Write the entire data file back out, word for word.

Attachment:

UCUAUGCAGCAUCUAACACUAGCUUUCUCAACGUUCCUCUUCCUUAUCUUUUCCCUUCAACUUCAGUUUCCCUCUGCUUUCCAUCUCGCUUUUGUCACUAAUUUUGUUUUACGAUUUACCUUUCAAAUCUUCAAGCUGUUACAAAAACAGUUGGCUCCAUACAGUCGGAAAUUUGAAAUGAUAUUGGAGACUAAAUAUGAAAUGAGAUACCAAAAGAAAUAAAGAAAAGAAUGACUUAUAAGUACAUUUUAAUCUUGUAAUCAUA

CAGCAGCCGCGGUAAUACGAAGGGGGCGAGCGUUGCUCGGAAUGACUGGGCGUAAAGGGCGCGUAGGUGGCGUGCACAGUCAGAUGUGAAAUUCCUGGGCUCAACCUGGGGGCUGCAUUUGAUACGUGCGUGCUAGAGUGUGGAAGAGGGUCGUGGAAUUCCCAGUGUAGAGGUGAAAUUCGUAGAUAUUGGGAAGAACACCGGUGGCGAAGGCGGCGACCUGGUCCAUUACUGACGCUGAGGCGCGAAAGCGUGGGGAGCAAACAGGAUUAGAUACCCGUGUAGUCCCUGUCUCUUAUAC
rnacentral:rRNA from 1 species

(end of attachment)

UCUAUGCAGCAUCUAACACUAGCUUUCUCAACGUUCCUCUUCCUUAUCUUUUCCCUUCAACUUCAGUUUCCCUCUGCUUUCCAUCUCGCUUUUGUCACUAAUUUUGUUUUACGAUUUACCUUUCAAAUCUUCAAGCUGUUACAAAAACAGUUGGCUCCAUACAGUCGGAAAUUUGAAAUGAUAUUGGAGACUAAAUAUGAAAUGAGAUACCAAAAGAAAUAAAGAAAAGAAUGACUUAUAAGUACAUUUUAAUCUUGUAAUCAUA

CAGCAGCCGCGGUAAUACGAAGGGGGCGAGCGUUGCUCGGAAUGACUGGGCGUAAAGGGCGCGUAGGUGGCGUGCACAGUCAGAUGUGAAAUUCCUGGGCUCAACCUGGGGGCUGCAUUUGAUACGUGCGUGCUAGAGUGUGGAAGAGGGUCGUGGAAUUCCCAGUGUAGAGGUGAAAUUCGUAGAUAUUGGGAAGAACACCGGUGGCGAAGGCGGCGACCUGGUCCAUUACUGACGCUGAGGCGCGAAAGCGUGGGGAGCAAACAGGAUUAGAUACCCGUGUAGUCCCUGUCUCUUAUAC
rnacentral:rRNA from 1 species